Another SXSW coming up; it’ll be good to see old friends and make new connections. The Austin Chronicle asked me to write something for their SXSW Interactive issue; that led to an interesing interview with cyborg anthropologist Amber Case, a longer version of which I might post here later. When “bOING bOING” was a magazine, I was an associated editor listed as “cyborganic jivemeister,” and the magazine I published, FringeWare Review, focused quite bit on “cyborging.” Originally a science fiction term, a mashup of “cybernetic organism,” the term represents a potentially huge field of study – how humans interact with, and how human experience is enhanced by, digital technology. If you’ll be at SXSW Interactive, don’t miss Amber’s keynote Sunday, March 11, 2pm at the Austin Convention Center, Exhibit Hall 5 (#SXAmberCase). Meanwhile after the interview was done she and I kept talking, and will be working on a project together, a blog on the subject of augmented reality.
Fabulous talk by Jason Roberts of “The Better Block: A Living Charrette”, presented at TedX Austin. You should watch this… twice. These guys don’t wait around to make the world better.
(Incidentally, if you want to know more about the charette concept, the book below is a good reference.)
I shot this video of Bruce at an EFF-Austin-sponsored event February 25 at ATX Hackespace. We were rallying the troops. “You will not have the Internet that you had 20 years ago, that’s not possible. But you don’t have to roll over at the site of bluster from the Internet’s increasingly desperate enemies…”
Google-funded Code for America was in Austin Saturday for a codeathon using data accessible via the city’s data portal. I dropped by the geek chic coworking facility Conjunctured, where the codeathon was happening, and hung out long enough to get a sense of the projects the ~40 coders were tackling. Those included a Bike Accident and Route Safety app, an app for finding miscellaneous stuff around town, and a “garden dating” app (to help people who want a community garden find a space). What was missing? For at least one project (Find It), there were fewer sources of data than the developers would’ve liked. I realized that it’s not enough to bring coders together to create apps – we should also be cultivating data sources. A project to build databases and facilitate citizen input would be a logical complement to the various codeathons.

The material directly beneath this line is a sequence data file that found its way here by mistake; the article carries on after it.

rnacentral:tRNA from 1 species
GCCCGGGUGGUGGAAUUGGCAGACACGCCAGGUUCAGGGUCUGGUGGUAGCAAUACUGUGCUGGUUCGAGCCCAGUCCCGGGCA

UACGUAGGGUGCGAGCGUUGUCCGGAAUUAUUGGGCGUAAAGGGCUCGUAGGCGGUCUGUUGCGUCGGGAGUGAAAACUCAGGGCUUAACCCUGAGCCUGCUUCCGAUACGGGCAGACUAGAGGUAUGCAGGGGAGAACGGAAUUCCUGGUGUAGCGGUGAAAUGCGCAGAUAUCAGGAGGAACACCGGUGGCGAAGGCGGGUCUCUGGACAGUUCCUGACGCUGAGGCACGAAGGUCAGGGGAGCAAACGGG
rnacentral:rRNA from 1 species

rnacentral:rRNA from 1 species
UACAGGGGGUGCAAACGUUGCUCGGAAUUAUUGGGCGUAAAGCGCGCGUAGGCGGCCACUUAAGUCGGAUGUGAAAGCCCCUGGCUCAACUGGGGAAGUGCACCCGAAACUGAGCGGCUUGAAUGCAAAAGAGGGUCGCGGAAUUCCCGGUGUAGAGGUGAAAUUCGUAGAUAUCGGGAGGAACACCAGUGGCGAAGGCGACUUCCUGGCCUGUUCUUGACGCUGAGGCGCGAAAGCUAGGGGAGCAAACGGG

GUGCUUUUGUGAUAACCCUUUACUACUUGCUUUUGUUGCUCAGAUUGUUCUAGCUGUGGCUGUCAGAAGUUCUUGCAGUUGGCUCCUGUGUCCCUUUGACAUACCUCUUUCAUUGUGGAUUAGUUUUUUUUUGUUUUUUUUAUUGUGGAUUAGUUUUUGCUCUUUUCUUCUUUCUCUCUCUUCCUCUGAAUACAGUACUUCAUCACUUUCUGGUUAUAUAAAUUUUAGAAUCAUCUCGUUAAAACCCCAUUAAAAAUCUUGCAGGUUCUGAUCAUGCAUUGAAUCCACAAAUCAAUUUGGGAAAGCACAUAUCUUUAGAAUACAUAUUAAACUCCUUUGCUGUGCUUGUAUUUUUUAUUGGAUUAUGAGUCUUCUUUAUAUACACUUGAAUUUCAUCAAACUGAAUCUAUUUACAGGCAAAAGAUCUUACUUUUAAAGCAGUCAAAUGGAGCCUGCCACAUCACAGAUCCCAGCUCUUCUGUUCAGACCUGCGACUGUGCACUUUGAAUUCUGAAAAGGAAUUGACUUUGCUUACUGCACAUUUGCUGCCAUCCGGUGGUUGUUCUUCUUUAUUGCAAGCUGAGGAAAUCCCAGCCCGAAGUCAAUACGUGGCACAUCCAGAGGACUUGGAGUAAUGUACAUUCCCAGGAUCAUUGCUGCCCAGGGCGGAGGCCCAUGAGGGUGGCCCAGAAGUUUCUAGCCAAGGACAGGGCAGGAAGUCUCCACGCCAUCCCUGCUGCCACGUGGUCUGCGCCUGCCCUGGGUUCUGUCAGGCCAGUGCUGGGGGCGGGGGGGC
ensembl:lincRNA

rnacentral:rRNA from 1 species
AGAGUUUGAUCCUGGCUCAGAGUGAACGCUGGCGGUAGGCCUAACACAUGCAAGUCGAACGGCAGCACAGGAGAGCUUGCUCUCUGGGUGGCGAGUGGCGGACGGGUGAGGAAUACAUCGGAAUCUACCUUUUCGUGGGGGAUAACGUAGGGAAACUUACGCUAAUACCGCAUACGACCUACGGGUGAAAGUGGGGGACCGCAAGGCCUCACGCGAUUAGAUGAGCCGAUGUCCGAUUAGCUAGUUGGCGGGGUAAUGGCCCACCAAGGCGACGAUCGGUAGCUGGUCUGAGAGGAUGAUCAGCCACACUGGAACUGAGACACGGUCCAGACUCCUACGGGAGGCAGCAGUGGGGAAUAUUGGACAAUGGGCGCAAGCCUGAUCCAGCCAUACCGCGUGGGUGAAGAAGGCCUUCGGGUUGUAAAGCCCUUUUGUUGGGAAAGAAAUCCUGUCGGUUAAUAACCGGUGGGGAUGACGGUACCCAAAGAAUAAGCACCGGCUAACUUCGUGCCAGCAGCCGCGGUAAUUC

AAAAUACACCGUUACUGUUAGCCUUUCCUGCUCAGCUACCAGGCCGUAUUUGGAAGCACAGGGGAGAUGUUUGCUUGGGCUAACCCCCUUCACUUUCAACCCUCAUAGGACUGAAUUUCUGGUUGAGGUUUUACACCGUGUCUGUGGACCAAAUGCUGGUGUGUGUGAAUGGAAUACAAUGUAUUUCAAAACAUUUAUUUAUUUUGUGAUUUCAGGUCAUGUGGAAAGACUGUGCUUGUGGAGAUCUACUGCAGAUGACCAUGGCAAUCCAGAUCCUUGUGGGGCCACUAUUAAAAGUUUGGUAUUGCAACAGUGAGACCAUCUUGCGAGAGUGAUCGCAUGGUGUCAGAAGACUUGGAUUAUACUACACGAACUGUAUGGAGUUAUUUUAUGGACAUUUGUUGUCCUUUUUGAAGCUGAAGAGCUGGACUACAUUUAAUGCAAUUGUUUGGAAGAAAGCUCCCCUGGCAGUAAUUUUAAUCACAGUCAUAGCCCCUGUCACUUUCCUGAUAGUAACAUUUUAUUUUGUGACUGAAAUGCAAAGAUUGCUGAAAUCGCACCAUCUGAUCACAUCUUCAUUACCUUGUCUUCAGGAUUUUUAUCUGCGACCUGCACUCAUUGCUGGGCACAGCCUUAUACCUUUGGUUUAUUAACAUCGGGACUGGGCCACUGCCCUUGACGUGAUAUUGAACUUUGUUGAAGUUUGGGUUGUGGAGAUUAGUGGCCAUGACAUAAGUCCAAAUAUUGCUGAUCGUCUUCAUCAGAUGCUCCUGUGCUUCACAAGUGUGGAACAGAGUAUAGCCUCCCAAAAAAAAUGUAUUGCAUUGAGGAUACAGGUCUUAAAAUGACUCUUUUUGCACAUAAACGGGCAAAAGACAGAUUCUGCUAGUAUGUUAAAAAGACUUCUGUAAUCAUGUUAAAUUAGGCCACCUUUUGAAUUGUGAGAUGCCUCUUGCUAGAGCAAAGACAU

In 2009, Howard Rheingold created an excellent mini-course in network literacy, a substantial resource for those who want to learn more about the Internet. Here’s the introductory video:
Howard’s written a book on network and digital literacy called Net Smart: How to Thrive Online.
As a follower of the “Quantified Self” work catalyzed by Kevin Kelly et al, I was eager to see Laurie Frick’s exhibit “Quantify Me” at “women and Their Work” – Marsha and I hung out there last night exploring the aesthetic representation of Frick’s mind.
Using her background in engineering and technology she explores self-tracking and compulsive organization. She creates life’s most basic patterns as color coded charts. Steps walked, calories expended, weight, sleep, time-online, gps location, daily mood as color, micro-journal of food ingested are all part of her daily tracking. She collects personal data using gadgets that point toward a time where complete self-surveillance will be the norm.
Though I’m interested in the subject, I’m not into self-surveillance because it takes too much metatime. I’m a cyborg at heart, but not particularly organized about my cyborganic data. Building a project like this around it is a way to make it more attractive to track and evaluate processes of body and mind.
New short story collection from Bruce Sterling.
“He’s the legendary Cyberpunk Guru. He roams our postmodern planet, from the polychrome tinsel of Los Angeles to the chicken-fried cyberculture of Austin… From the heretical Communist slums of gritty Belgrade to the Gothic industrial castles of artsy Torino… always whipping that slider-bar between the unthinkable and the unimaginable.